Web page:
If you want vinyl flooring in your bathroom, you will have no shortage of style, color and size to choose from, all at a reasonable price.

Drawbacks of Vinyl

Like any material, vinyl flooring in bathrooms has a few downsides as well. For example, it is affordable, but if you’re not careful with your selection, that cheap quality could come across in person. In addition, for homeowners, installing a flooring option like vinyl is probably not going to improve your property value (unless you go with luxury vinyl, which is increasingly attractive to homeowners today). And speaking of installation, vinyl can be difficult to install on your own – you will have to enlist the help of a professional.

Tile Flooring

Another historically popular choice for bathroom flooring is tile. There are two primary types of tile to choose from: ceramic and porcelain. These tiles can be used throughout the home, but the most popular rooms for tile installation are kitchens, entryways, and, of course, bathrooms. Ceramic and porcelain tile make a great option for bathroom flooring, but can also be used on countertops, as kitchen wall backsplashes, and with the shower/bath as well.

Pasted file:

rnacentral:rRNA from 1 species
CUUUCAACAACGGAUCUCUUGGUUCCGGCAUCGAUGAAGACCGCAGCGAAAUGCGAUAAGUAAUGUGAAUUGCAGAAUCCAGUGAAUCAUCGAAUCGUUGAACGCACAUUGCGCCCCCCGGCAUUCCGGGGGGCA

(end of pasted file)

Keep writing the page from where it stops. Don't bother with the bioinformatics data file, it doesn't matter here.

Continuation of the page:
Benefits of Tile

Tile is perhaps one of the best possible materials to use when choosing a bathroom flooring since it’s waterproof, stylish, and highly versatile. This versatility is arguably the biggest advantage of tile flooring (over any other floor type). Tile offers a wide range of prices, styles, colors and patterns. You can create a classic look with white marble tile, bring the outside beauty of nature indoors with oceanic blue tile, or create something completely unique and original. Even after you choose your tile, there are more customization options based on how you choose to lay the pattern.

Tile is also very cost-effective bathroom flooring option: the average cost of ceramic or porcelain tile is $0.49 – $15 per square foot, depending on what quality you go for.

In general, tile looks great in any bathroom and is highly durable for years and years. With the right installation and consistent maintenance, a tile floor can last 20 years or more.